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Published online by Cambridge University Press: 28 September 2016
1 As described in Verdi’s sketch for Act I, reproduced in Seta, Fabrizio Della, La traviata: schizzi e abbozzi autografi/Autograph Sketches and Drafts (Parma, 2000)Google Scholar. For discussion and a translation, see Budden, Julian, The Operas of Verdi. Vol. 2: From Il trovatore to La forza del destino (London, 1978), 126 Google Scholar. For the edition, see Verdi, Giuseppe, La traviata: Melodramma in Three Acts, ed. Fabrizio Della Seta, The Works of Giuseppe Verdi, Series I: Operas, vol. 19 (Milan, 1997), 91–92 Google Scholar, reproduced in figs. 1 and 2.
2 Dumas fils’s first portrait of Marguerite from his novel describes her as ‘tall and slender’, dark eyes and ‘jet-black hair … parted over her forehead’, pale skin and pink cheeks, and teeth ‘as white as milk’. See Dumas, Alexandre fils, La Dame aux camélias, trans. David Coward (Oxford, 1986, repr. 2000), 8 Google Scholar.
3 The interdependence of voice, body and character was priority in the planning, as is documented in correspondence between Verdi and Piave, and Marzari at the Teatro La Fenice, in the weeks before the opera’s premiere on the topic of the casting of the role. For example, Piave emphasised in a letter to Marzari that ‘Verdi insists with renewed firmness that to sing Traviata one must be young, have a graceful figure and sing with passion,’ quoting from a letter from 3 February 1853, from Piave at S. Agata to Marzari. Translation from Budden, Operas of Verdi, 122; see Conati, Marcello, La bottega della musica: Verdi e La Fenice (Milan, 1983)Google Scholar, letter 264, 314–15.
5 Edita Gruberova (1992), for example, moves into a series of twirls before reaching for a glass of wine.
6 Lucrezia Bori (1928) quickens up through the final turn, and moves straight to laughter. Maria Callas (1953) shifts to a quiet chuckle. Joan Sutherland’s staged performances conclude with a high peal of laughter, while Gruberova’s twirls (1992) are accompanied by laughter. Perhaps the most dramatic interjection of laughter is in Lina Pagliughi’s performance from 1951, in which the soprano sings a connecting note, swooping up to link the final note of the recitative to the first utterance of laughter.
7 Anna Netrebko (2005) sets up her champagne glass through the cadenza and fills the silence with giggles and swigs. Mirella Freni (1973) also has a glass in hand.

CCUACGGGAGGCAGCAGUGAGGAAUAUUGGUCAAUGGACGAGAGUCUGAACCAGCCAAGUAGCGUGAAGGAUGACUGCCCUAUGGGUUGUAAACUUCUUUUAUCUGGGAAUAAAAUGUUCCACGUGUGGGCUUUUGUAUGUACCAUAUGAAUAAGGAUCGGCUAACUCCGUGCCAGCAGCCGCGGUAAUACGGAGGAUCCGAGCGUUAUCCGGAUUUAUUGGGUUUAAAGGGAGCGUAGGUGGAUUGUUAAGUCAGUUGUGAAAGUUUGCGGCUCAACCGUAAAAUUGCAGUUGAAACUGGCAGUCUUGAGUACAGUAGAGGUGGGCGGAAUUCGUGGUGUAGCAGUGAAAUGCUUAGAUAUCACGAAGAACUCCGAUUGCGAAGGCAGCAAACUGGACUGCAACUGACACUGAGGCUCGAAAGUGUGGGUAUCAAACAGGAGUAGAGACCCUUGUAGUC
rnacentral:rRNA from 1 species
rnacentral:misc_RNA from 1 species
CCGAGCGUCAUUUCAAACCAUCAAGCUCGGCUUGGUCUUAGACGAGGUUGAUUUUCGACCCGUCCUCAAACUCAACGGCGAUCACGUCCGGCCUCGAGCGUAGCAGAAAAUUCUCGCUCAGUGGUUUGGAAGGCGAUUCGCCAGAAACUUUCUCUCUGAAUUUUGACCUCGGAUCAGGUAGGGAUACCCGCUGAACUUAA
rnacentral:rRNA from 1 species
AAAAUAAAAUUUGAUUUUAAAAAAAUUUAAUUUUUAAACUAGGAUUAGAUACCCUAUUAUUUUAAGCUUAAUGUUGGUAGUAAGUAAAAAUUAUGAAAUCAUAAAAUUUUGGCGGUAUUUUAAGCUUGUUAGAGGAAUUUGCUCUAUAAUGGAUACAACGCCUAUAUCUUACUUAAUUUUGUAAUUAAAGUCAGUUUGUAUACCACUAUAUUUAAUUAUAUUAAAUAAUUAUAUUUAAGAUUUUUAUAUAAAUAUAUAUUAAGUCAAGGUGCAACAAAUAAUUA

8 Bell Telephone Hour Performances, 1961–1968, Video Artists International, released 2001.
9 The link between love as inspiration for song, and vice versa, is the standard topic of early vernacular lyric.
10 Sala, Emilio, The Sounds of Paris in Verdi’s La Traviata, trans. Delia Casadei (Cambridge, 2014)Google Scholar, esp. 59–76.
11 Sala, Sounds of Paris, 73–4.
12 On which, see especially Hutcheon, Linda and Hutcheon, Michael, Opera: Desire, Disease, Death (Lincoln, NE, 1996)Google Scholar, esp. 40–8, and Groos, Arthur, ‘“TB Sheets”: Love and Desire in La traviata ’, Cambridge Opera Journal 7 (1995), 233–260 CrossRefGoogle Scholar. Sala further explores the representation of consumption in adaptations of Dumas fils’s play in Paris, and which would have been familiar to Verdi. See Sala, Sounds of Paris, 106–39, esp. 127–31.
13 Dumas fils, Dame aux camélias, 64.
14 Arnold, Denis, ‘“La Traviata”: From Real Life to Opera’, in La traviata, ed. Nicholas John, English National Opera Guide 5 (London, 1981), 19 Google Scholar.
15 Della Seta, Schizzi e abbozzi autografi. The Andante is included in Verdi’s outline of Act I in the opening fascicle of the sketches (see above, note 1), and appears in two other places: as a sketch with accompaniment (but without words) in fascicle XV, 2 and as a complete draft of the final melody (with words), in fascicle VIII, 4. Both versions are transcribed by Della Seta, 128–9. For detailed discussion of Verdi’s process, and the relationship between sketch, draft, short scores and orchestrated final versions, see esp. Della Seta, 35–41. A third unidentified melody appears in III, 5 (transcribed by Della Seta at 203), with a similar opening three-note falling motif, punctuated by rests. While the remainder of that melody has little in common with the other two examples, the example offers another impression of how this ‘interrupted’ motif may have been circulated in the period of the opera’s creation.
16 Seta, Schizzi e abbozzi autografi, 67–9, observes that note values and rests are among the details the composer left out, noting such absences reflect the ‘shorthand and strictly private character of the sketches. In general one can say that … the gaps in the writing exist only on paper and that the composer filled them out in his mind’. By contrast to the more partial nature of Verdi’s notation elsewhere, the rests in the opening of ‘Ah, fors’è lui’ consistently made it onto the page.
17 The proximity and, in some cases, overlap of their writing is well known. More recently, study of newly found sketched of Stiffelio opened other routes through which to explore musical interactions between the operas. On which see, for example, Gossett, Philip, ‘New Sources for Stiffelio: A Preliminary Report’, Cambridge Opera Journal 5 (1993), 199–222 CrossRefGoogle Scholar; and Chusid, Martin, ed., Verdi’s Middle Period, 1849–1859: Source Studies, Analysis, and Performance Practice (Chicago, 1997)Google Scholar. See also Parker, Roger, Leonora’s Last Act: Essays in Verdian Discourse (Princeton, 1997), 149–166 Google Scholar, reflecting on the interpretative implications, and limitations, of interrelated music of Lena and Gilda.
18 Parker, Leonora’s Last Act, 186.
19 Zumthor, Paul, Speaking of the Middle Ages, trans. Sarah White (Lincoln, NE, 1986), 37 Google Scholar.
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